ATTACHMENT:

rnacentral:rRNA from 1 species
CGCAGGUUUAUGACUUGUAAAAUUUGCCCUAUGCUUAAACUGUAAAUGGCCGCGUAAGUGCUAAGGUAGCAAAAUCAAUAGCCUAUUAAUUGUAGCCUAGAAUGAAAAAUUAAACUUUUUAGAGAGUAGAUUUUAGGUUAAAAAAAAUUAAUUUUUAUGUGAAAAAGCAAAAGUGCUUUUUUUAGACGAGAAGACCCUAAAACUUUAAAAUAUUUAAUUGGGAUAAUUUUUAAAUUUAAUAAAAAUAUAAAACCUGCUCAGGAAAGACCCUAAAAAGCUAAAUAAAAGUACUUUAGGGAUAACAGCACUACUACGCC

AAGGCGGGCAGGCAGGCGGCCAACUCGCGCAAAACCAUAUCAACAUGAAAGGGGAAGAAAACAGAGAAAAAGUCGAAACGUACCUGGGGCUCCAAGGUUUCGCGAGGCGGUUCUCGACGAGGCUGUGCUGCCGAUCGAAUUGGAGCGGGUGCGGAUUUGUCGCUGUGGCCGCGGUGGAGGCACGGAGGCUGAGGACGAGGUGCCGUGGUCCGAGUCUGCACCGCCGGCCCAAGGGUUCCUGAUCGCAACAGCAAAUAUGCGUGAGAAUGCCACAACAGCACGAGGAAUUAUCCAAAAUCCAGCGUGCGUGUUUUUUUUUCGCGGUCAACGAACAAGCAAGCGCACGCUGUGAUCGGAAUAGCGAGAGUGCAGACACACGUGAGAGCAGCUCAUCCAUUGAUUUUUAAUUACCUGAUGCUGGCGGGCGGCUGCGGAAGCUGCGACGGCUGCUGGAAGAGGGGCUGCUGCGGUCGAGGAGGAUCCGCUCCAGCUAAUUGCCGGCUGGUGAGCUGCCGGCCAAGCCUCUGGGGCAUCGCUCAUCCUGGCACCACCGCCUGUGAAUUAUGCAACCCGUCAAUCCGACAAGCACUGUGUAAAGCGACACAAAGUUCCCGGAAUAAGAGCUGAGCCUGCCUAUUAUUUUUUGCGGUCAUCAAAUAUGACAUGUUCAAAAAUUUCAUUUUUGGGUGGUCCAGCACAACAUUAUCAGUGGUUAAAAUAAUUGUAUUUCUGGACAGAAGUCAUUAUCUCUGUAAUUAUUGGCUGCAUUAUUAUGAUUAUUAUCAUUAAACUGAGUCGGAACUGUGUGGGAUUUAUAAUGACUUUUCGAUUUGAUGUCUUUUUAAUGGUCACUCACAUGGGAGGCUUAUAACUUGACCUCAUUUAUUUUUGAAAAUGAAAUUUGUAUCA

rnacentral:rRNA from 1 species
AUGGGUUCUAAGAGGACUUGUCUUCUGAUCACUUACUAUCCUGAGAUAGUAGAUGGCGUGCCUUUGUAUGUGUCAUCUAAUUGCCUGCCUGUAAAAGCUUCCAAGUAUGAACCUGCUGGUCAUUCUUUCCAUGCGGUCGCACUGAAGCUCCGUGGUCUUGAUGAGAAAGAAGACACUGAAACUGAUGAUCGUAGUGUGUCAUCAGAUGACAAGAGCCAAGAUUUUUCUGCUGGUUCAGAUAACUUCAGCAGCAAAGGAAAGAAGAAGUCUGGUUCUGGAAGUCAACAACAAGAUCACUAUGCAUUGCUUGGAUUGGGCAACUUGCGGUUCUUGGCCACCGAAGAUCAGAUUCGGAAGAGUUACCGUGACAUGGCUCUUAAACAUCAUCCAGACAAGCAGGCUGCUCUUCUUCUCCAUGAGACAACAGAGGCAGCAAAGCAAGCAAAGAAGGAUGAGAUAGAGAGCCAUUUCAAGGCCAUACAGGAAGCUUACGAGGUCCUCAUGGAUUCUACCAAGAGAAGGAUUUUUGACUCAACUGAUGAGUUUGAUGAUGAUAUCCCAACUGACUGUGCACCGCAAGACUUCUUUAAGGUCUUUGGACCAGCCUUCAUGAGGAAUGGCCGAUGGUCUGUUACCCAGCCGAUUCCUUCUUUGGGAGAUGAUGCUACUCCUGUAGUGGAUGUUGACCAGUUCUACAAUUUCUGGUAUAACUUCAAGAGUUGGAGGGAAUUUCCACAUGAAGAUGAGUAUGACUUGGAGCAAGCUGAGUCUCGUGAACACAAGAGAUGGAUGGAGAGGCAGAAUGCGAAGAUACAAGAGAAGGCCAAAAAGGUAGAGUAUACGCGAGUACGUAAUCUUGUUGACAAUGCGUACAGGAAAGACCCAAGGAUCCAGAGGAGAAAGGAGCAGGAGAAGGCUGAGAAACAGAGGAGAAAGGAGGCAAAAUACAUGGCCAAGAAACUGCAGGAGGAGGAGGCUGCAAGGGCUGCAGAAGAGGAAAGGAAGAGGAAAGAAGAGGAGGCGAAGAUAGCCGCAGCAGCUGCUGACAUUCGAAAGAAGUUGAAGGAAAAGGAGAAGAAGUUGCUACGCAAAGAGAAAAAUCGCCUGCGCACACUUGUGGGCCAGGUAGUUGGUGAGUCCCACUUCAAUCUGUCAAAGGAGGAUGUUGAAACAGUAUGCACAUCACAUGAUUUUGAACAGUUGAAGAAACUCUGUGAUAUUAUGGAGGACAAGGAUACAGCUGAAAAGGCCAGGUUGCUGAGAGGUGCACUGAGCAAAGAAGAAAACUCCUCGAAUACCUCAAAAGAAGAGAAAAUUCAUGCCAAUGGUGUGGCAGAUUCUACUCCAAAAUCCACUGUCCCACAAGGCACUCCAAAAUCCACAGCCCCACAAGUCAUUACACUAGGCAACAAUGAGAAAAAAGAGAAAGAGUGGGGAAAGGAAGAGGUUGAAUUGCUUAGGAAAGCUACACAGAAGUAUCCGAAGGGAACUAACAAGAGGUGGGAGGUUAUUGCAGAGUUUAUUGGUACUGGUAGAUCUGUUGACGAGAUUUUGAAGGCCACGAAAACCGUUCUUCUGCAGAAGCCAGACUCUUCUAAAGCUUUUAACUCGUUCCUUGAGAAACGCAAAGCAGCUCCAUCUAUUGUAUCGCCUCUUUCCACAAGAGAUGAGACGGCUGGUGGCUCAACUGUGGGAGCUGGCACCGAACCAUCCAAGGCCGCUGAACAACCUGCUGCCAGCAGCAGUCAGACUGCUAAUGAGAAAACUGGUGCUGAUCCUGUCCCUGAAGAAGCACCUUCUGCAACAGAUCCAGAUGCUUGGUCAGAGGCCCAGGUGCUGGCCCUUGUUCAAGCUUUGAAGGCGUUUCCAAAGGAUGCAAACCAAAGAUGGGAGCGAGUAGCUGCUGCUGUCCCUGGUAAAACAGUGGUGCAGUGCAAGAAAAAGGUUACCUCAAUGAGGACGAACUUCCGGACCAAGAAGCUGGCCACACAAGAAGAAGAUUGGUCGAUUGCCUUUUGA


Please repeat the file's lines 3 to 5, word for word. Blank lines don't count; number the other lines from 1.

AAGGCGGGCAGGCAGGCGGCCAACUCGCGCAAAACCAUAUCAACAUGAAAGGGGAAGAAAACAGAGAAAAAGUCGAAACGUACCUGGGGCUCCAAGGUUUCGCGAGGCGGUUCUCGACGAGGCUGUGCUGCCGAUCGAAUUGGAGCGGGUGCGGAUUUGUCGCUGUGGCCGCGGUGGAGGCACGGAGGCUGAGGACGAGGUGCCGUGGUCCGAGUCUGCACCGCCGGCCCAAGGGUUCCUGAUCGCAACAGCAAAUAUGCGUGAGAAUGCCACAACAGCACGAGGAAUUAUCCAAAAUCCAGCGUGCGUGUUUUUUUUUCGCGGUCAACGAACAAGCAAGCGCACGCUGUGAUCGGAAUAGCGAGAGUGCAGACACACGUGAGAGCAGCUCAUCCAUUGAUUUUUAAUUACCUGAUGCUGGCGGGCGGCUGCGGAAGCUGCGACGGCUGCUGGAAGAGGGGCUGCUGCGGUCGAGGAGGAUCCGCUCCAGCUAAUUGCCGGCUGGUGAGCUGCCGGCCAAGCCUCUGGGGCAUCGCUCAUCCUGGCACCACCGCCUGUGAAUUAUGCAACCCGUCAAUCCGACAAGCACUGUGUAAAGCGACACAAAGUUCCCGGAAUAAGAGCUGAGCCUGCCUAUUAUUUUUUGCGGUCAUCAAAUAUGACAUGUUCAAAAAUUUCAUUUUUGGGUGGUCCAGCACAACAUUAUCAGUGGUUAAAAUAAUUGUAUUUCUGGACAGAAGUCAUUAUCUCUGUAAUUAUUGGCUGCAUUAUUAUGAUUAUUAUCAUUAAACUGAGUCGGAACUGUGUGGGAUUUAUAAUGACUUUUCGAUUUGAUGUCUUUUUAAUGGUCACUCACAUGGGAGGCUUAUAACUUGACCUCAUUUAUUUUUGAAAAUGAAAUUUGUAUCA

rnacentral:rRNA from 1 species
AUGGGUUCUAAGAGGACUUGUCUUCUGAUCACUUACUAUCCUGAGAUAGUAGAUGGCGUGCCUUUGUAUGUGUCAUCUAAUUGCCUGCCUGUAAAAGCUUCCAAGUAUGAACCUGCUGGUCAUUCUUUCCAUGCGGUCGCACUGAAGCUCCGUGGUCUUGAUGAGAAAGAAGACACUGAAACUGAUGAUCGUAGUGUGUCAUCAGAUGACAAGAGCCAAGAUUUUUCUGCUGGUUCAGAUAACUUCAGCAGCAAAGGAAAGAAGAAGUCUGGUUCUGGAAGUCAACAACAAGAUCACUAUGCAUUGCUUGGAUUGGGCAACUUGCGGUUCUUGGCCACCGAAGAUCAGAUUCGGAAGAGUUACCGUGACAUGGCUCUUAAACAUCAUCCAGACAAGCAGGCUGCUCUUCUUCUCCAUGAGACAACAGAGGCAGCAAAGCAAGCAAAGAAGGAUGAGAUAGAGAGCCAUUUCAAGGCCAUACAGGAAGCUUACGAGGUCCUCAUGGAUUCUACCAAGAGAAGGAUUUUUGACUCAACUGAUGAGUUUGAUGAUGAUAUCCCAACUGACUGUGCACCGCAAGACUUCUUUAAGGUCUUUGGACCAGCCUUCAUGAGGAAUGGCCGAUGGUCUGUUACCCAGCCGAUUCCUUCUUUGGGAGAUGAUGCUACUCCUGUAGUGGAUGUUGACCAGUUCUACAAUUUCUGGUAUAACUUCAAGAGUUGGAGGGAAUUUCCACAUGAAGAUGAGUAUGACUUGGAGCAAGCUGAGUCUCGUGAACACAAGAGAUGGAUGGAGAGGCAGAAUGCGAAGAUACAAGAGAAGGCCAAAAAGGUAGAGUAUACGCGAGUACGUAAUCUUGUUGACAAUGCGUACAGGAAAGACCCAAGGAUCCAGAGGAGAAAGGAGCAGGAGAAGGCUGAGAAACAGAGGAGAAAGGAGGCAAAAUACAUGGCCAAGAAACUGCAGGAGGAGGAGGCUGCAAGGGCUGCAGAAGAGGAAAGGAAGAGGAAAGAAGAGGAGGCGAAGAUAGCCGCAGCAGCUGCUGACAUUCGAAAGAAGUUGAAGGAAAAGGAGAAGAAGUUGCUACGCAAAGAGAAAAAUCGCCUGCGCACACUUGUGGGCCAGGUAGUUGGUGAGUCCCACUUCAAUCUGUCAAAGGAGGAUGUUGAAACAGUAUGCACAUCACAUGAUUUUGAACAGUUGAAGAAACUCUGUGAUAUUAUGGAGGACAAGGAUACAGCUGAAAAGGCCAGGUUGCUGAGAGGUGCACUGAGCAAAGAAGAAAACUCCUCGAAUACCUCAAAAGAAGAGAAAAUUCAUGCCAAUGGUGUGGCAGAUUCUACUCCAAAAUCCACUGUCCCACAAGGCACUCCAAAAUCCACAGCCCCACAAGUCAUUACACUAGGCAACAAUGAGAAAAAAGAGAAAGAGUGGGGAAAGGAAGAGGUUGAAUUGCUUAGGAAAGCUACACAGAAGUAUCCGAAGGGAACUAACAAGAGGUGGGAGGUUAUUGCAGAGUUUAUUGGUACUGGUAGAUCUGUUGACGAGAUUUUGAAGGCCACGAAAACCGUUCUUCUGCAGAAGCCAGACUCUUCUAAAGCUUUUAACUCGUUCCUUGAGAAACGCAAAGCAGCUCCAUCUAUUGUAUCGCCUCUUUCCACAAGAGAUGAGACGGCUGGUGGCUCAACUGUGGGAGCUGGCACCGAACCAUCCAAGGCCGCUGAACAACCUGCUGCCAGCAGCAGUCAGACUGCUAAUGAGAAAACUGGUGCUGAUCCUGUCCCUGAAGAAGCACCUUCUGCAACAGAUCCAGAUGCUUGGUCAGAGGCCCAGGUGCUGGCCCUUGUUCAAGCUUUGAAGGCGUUUCCAAAGGAUGCAAACCAAAGAUGGGAGCGAGUAGCUGCUGCUGUCCCUGGUAAAACAGUGGUGCAGUGCAAGAAAAAGGUUACCUCAAUGAGGACGAACUUCCGGACCAAGAAGCUGGCCACACAAGAAGAAGAUUGGUCGAUUGCCUUUUGA